Meet Kathy Pantele
Kathy Pantele is a native of Richmond’s West End who is dedicated to her family and the community. She studied history, specializing in the ancient near east, as an undergrad at Meredith College and married her high school sweetheart within months of finishing her degree. Once her youngest child was in kindergarten, Pantele took a basic oil painting class from Irene Perry at the Tuckahoe Women’s Club. “I wanted to do something different,” she says. Perry was so impressed with Pantele’s first painting that the latter decided to go into business and began painting portraits. Hundred’s of portraits later, “I just got burnt out,” she says. She also started to care for the infirm matriarchs of her family. “Then,” she says, “Curney Nuffer became my teacher and I eventually moved into abstracts, painting with acrylics.”
Describing her process for abstract paining, Pantele says, “I just get ideas and they just evolve. I never know what my abstracts are going to look like. For me it’s about capturing a feeling or just a fun combination of colors or lines or shapes.” She also brings lessons from her days as a realistic portrait artist. “I pay attention to how the eye moves over the canvas and notice if things are distracting or do they draw you into the piece,” she explains.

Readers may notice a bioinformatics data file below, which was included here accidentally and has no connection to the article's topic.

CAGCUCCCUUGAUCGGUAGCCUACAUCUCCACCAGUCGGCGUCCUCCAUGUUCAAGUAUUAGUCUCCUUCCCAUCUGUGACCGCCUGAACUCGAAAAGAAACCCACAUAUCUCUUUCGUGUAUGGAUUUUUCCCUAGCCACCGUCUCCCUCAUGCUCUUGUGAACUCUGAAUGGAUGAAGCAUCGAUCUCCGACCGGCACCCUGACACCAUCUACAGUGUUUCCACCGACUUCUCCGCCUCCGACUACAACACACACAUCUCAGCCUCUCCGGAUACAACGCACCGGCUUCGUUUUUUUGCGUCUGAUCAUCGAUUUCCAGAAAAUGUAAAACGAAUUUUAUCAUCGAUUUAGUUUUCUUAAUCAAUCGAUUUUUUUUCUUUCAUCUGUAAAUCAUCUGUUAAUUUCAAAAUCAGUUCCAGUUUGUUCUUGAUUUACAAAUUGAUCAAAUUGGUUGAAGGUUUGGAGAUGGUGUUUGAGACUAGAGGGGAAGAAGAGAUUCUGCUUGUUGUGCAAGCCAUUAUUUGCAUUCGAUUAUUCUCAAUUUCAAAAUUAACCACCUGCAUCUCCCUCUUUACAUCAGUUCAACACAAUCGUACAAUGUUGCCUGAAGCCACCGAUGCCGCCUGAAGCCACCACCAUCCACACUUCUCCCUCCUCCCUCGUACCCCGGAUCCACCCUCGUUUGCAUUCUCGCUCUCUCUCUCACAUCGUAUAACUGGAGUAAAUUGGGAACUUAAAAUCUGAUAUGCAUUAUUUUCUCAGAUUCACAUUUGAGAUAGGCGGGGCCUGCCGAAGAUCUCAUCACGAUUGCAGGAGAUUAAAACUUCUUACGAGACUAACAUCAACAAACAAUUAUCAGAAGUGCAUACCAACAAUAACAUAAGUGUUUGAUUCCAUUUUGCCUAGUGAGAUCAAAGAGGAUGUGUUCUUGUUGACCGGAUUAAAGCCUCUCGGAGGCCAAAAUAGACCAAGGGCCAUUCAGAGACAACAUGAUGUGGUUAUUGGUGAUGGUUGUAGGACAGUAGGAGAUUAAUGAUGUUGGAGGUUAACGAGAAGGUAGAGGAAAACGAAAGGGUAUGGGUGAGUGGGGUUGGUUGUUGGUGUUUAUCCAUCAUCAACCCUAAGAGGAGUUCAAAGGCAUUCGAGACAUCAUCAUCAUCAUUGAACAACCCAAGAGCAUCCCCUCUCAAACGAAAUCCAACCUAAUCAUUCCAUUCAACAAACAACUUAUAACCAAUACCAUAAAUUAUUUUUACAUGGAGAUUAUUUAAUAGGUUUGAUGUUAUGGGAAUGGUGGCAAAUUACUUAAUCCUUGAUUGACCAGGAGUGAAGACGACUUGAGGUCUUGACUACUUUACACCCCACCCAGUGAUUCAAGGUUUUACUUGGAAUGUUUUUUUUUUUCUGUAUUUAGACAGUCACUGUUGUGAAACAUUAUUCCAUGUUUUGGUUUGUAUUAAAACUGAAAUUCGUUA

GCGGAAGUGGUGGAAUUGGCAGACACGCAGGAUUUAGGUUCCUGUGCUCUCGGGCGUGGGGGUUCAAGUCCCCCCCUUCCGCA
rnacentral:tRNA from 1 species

In terms of the meaning behind her works Pantele says, “I think original art should be relatively affordable and something that people want to bring into their home. It should be timeless and distinctive. My philosophy is that a painting is something you purchase is to enhance your living environment and make you happy.”
Another thing that Pantele is involved in that makes people happy is the Saints Constantine and Helen Greek Orthodox Cathedral Annual Greek Festival which was cancelled this year due to fears of spreading Caronavirus. She has worked along side her husband on the festival for the past 35 years. “This is the first Memorial Day where we were not at church preparing for the Festival,” she says. “It’s a landmark in our married life.”